Quick detection and evaluation of the measured values, especially for pressure and temperature, provides important information on the exhaust gas, fuel, oil and cooling water circuits. For this, precision pressure transmitters (accuracy better than 0.1% of span) with digital signal processing and a standardised CANopen interface have proven particularly useful.
Uniquely identifiable, worldwide
CiA has standardised a process, in DS-305, which allows node number and baud rate to be set. In the Layer Setting Services (LSS), the devices are not addressed with their node number, but their LSS address. This is composed of the manufacturer number, serial number, product number and version number. These four parameters allow each CANopen device to be identified worldwide by a unique set of parameters.
Calibration and diagnostics functions
The measuring instruments used on a test bench are routinely and periodically checked (calibrated) with respect to their measuring accuracy and, if necessary, readjusted. Internal calibration and diagnostics data stored in the pressure transmitter increases the operational safety and offers the option of remote diagnosis via the bus system. Access to the last and next calibration date or recording of overtemperature allows the user convenient management of the calibration history and remote diagnostics from the control station.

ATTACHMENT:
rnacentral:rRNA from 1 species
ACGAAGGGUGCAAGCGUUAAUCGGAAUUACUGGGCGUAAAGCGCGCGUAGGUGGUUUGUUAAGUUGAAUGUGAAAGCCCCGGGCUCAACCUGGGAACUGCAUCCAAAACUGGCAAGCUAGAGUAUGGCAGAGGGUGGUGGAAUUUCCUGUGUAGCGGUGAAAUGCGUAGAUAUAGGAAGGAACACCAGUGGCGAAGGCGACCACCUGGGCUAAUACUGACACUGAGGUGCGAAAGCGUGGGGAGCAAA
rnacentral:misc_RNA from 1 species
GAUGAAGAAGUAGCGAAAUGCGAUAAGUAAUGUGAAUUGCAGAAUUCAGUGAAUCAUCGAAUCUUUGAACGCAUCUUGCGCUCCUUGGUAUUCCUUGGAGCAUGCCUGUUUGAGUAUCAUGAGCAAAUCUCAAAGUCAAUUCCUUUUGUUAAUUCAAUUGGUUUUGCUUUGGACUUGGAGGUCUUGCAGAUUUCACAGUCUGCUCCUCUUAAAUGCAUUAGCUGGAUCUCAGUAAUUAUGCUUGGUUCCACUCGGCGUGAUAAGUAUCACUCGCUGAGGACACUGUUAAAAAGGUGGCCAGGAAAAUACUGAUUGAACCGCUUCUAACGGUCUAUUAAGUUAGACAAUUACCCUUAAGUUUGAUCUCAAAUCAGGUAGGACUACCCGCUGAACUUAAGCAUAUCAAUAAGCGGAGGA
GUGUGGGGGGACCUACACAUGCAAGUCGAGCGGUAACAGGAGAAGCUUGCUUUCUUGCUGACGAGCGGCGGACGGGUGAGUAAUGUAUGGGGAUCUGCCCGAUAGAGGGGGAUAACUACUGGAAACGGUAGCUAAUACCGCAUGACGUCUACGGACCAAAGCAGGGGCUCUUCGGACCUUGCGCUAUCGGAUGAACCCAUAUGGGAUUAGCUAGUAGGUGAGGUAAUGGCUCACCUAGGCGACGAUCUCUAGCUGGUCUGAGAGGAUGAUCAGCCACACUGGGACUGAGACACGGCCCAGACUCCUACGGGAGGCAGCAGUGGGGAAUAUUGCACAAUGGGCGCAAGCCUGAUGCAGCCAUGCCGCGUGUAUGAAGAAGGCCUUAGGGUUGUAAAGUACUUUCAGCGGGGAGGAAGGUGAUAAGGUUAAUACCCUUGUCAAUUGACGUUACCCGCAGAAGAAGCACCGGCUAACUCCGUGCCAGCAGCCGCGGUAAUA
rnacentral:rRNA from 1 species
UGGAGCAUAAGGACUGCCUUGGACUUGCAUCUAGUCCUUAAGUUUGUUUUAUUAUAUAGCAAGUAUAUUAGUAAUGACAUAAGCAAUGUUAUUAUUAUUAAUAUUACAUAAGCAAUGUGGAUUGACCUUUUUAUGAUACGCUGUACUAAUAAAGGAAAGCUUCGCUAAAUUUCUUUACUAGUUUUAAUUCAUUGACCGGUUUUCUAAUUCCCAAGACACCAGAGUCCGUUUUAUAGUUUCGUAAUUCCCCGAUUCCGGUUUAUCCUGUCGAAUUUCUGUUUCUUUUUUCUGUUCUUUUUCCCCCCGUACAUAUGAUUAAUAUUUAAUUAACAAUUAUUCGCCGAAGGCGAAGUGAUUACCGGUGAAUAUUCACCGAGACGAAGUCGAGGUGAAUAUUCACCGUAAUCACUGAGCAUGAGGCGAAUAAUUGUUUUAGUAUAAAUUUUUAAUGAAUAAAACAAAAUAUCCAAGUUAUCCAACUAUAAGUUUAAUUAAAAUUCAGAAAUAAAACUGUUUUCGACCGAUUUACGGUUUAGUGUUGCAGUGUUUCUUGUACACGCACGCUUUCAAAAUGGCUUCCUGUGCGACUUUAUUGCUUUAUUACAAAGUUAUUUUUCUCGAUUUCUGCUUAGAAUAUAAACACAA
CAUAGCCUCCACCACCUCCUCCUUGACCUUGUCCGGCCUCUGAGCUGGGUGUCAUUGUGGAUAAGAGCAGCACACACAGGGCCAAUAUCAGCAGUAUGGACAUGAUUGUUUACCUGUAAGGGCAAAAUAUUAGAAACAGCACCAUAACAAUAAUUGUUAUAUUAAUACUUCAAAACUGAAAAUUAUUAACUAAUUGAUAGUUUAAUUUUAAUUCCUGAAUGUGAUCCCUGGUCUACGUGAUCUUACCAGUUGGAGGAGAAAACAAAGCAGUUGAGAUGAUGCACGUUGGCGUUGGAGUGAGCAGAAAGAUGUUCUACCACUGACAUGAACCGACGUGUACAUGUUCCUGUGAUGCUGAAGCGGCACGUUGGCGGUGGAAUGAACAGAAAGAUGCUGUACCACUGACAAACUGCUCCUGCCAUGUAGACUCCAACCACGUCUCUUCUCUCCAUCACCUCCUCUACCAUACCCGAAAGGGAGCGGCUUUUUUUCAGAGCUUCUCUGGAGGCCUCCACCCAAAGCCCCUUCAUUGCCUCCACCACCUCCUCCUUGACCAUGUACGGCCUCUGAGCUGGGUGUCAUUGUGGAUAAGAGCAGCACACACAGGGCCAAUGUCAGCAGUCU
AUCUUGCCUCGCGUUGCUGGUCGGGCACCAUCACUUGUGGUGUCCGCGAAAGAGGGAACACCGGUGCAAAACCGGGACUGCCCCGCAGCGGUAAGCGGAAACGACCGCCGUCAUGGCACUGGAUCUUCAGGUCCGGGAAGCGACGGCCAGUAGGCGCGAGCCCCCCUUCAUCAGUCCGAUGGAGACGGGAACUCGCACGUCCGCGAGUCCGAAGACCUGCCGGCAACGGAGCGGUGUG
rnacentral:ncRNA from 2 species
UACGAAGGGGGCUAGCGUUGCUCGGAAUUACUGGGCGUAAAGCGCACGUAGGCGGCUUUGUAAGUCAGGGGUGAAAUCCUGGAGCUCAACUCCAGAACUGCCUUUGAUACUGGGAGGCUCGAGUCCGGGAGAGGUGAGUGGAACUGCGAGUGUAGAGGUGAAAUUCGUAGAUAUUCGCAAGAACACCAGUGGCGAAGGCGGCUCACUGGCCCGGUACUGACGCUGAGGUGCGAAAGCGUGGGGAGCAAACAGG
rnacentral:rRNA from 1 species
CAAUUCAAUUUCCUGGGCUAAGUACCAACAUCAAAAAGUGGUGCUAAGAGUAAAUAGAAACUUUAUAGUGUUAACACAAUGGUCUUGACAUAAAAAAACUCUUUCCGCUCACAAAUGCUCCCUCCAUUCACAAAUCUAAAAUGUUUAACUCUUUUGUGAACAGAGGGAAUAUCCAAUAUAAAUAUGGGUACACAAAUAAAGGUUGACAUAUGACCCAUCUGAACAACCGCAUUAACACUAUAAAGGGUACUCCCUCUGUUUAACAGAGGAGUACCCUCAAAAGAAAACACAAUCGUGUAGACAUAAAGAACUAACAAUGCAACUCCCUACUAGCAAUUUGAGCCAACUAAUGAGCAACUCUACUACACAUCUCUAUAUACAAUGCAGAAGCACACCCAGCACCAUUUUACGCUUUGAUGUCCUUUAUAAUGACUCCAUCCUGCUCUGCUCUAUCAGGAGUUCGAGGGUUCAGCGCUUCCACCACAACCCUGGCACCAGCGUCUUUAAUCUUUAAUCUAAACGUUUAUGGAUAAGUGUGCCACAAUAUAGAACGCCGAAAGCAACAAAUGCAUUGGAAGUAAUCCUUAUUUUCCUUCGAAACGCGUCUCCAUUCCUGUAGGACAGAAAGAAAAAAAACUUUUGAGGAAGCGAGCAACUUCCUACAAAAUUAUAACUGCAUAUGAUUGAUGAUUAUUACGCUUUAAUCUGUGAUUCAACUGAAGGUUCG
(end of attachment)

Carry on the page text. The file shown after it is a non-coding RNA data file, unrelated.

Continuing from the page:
The main reason for using CANopen pressure sensors rather than conventional analogue sensors is the low amount of wiring required. This not only means no more thick cable harnesses, but also allows the overall system to be expanded simply. The data and power cables are combined in a shielded CAN cable and lead on from one bus user to the next. Connection is made either within the device via an integrated Y-connector or outside the device via an external T-piece.
High EMC interference immunity
For mobile hydraulics in utility vehicles, reliable operation is required, even under difficult EMC conditions at field strengths of up to 100 V/m. To guarantee maximum interference immunity to electromagnetic fields, the cable shield is connected to the sensor housing via the plug.
The user does not have to worry about interference in the analogue value, thanks to the digital transmission of the measured value.
Several options for sensor monitoring
A further message specified in CANopen is the Emergency Message. This high-priority message is sent whenever a device error occurs. CANopen offers two options: Node Guarding and Heartbeat. In Node Guarding, the master sends a message to the CANopen slaves, which must respond to this request within a certain period of time. If this does not happen, the master will register this and initiate suitable additional measures. In practice, the Heartbeat protocol is used more frequently. In this mode, each node sends a message (heartbeat) to the bus at defined intervals. This message can be evaluated by other bus users to find out whether the node is still working properly.
The CANopen standard – for pressure sensors too